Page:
julia> PrincipleOnlyBond(Periodic(2),5.) |> collect
10-element Vector{Cashflow{Float64, Float64}}:
Cashflow{Float64, Float64}(0.1, 0.5)
Cashflow{Float64, Float64}(0.1, 1.0)
Cashflow{Float64, Float64}(0.1, 1.5)
Cashflow{Float64, Float64}(0.1, 2.0)
Cashflow{Float64, Float64}(0.1, 2.5)
Cashflow{Float64, Float64}(0.1, 3.0)
Cashflow{Float64, Float64}(0.1, 3.5)
Cashflow{Float64, Float64}(0.1, 4.0)
Cashflow{Float64, Float64}(0.1, 4.5)
Cashflow{Float64, Float64}(0.1, 5.0)

Note that all contracts in FinanceModels.jl are currently unit contracts in that they assume a unit par value.

#### More complex Contracts

##### Sets of contracts

Sets of contracts can be put in an AbstractArray contained (e.g. a Vector) and then handled together. For example, we combine two bonds as a portfolio to project together:

julia> c1 = Bond.Fixed(0.05, Periodic(1), 2.0);
julia> c2 = Bond.Fixed(0.04, Periodic(1), 2.0);

julia> Projection([c1, c2]) |> collect
4-element Vector{Cashflow{Float64, Float64}}:
Cashflow{Float64, Float64}(0.05, 1.0)
Cashflow{Float64, Float64}(1.05, 2.0)
Cashflow{Float64, Float64}(0.04, 1.0)
Cashflow{Float64, Float64}(1.04, 2.0)
##### Transformations

Contracts (<:AbstractContract) and Projections can be modified to be scaled or transformed using the transformations in Transducers.jl after importing that package.

Most commonly, this is likely simply chaining Map(...) calls. Two use-cases of this may be to (1) scale the contract by a factor or (2) change the sign of the contract to indicate an obligation/liability instead of an asset. Examples of this:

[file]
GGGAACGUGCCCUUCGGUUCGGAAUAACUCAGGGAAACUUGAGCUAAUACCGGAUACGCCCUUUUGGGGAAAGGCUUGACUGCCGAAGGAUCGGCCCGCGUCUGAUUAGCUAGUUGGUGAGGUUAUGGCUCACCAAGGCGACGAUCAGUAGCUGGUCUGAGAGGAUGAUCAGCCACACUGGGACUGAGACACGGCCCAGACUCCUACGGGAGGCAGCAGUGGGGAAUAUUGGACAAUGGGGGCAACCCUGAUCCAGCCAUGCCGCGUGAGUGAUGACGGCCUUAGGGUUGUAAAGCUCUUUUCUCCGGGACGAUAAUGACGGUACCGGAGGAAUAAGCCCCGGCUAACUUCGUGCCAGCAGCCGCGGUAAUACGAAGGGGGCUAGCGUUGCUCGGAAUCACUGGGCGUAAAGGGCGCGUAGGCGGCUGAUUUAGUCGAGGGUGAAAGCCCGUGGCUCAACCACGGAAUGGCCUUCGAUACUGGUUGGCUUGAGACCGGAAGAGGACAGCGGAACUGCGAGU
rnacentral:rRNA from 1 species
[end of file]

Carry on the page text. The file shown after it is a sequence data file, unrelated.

julia> using Transducers, FinanceModels

julia> Bond.Fixed(0.05,Periodic(1),3) |> collect
3-element Vector{Cashflow{Float64, Float64}}:
Cashflow{Float64, Float64}(0.05, 1.0)
Cashflow{Float64, Float64}(0.05, 2.0)
Cashflow{Float64, Float64}(1.05, 3.0)

julia> Bond.Fixed(0.05,Periodic(1),3) |> Map(-) |> collect
3-element Vector{Cashflow{Float64, Float64}}:
Cashflow{Float64, Float64}(-0.05, 1.0)
Cashflow{Float64, Float64}(-0.05, 2.0)
Cashflow{Float64, Float64}(-1.05, 3.0)

julia> Bond.Fixed(0.05,Periodic(1),3) |> Map(-) |> Map(x->x*2) |> collect
3-element Vector{Cashflow{Float64, Float64}}:
Cashflow{Float64, Float64}(-0.1, 1.0)
Cashflow{Float64, Float64}(-0.1, 2.0)
Cashflow{Float64, Float64}(-2.1, 3.0)

Another example of this is how InterestRateSwap[@ref] is implemented. It's simply a Composite contract of a positive fixed rate bond and a negative floating rate bond:

function InterestRateSwap(curve, tenor; model_key="OIS")
fixed_rate = par(curve, tenor; frequency=4)
fixed_leg = Bond.Fixed(rate(fixed_rate), Periodic(4), tenor)
float_leg = Bond.Floating(0.0, Periodic(4), tenor, model_key) |> Map(-)
return Composite(fixed_leg, float_leg)
end
##### Cashflows are model dependent

An example of this is a floating bond where the coupon paid depends on a view of forward rates. See this section in the overview on projections for how this is handled.

## Available Contracts & Modules

See the Modules in the left navigation for details on available contracts/models/functions.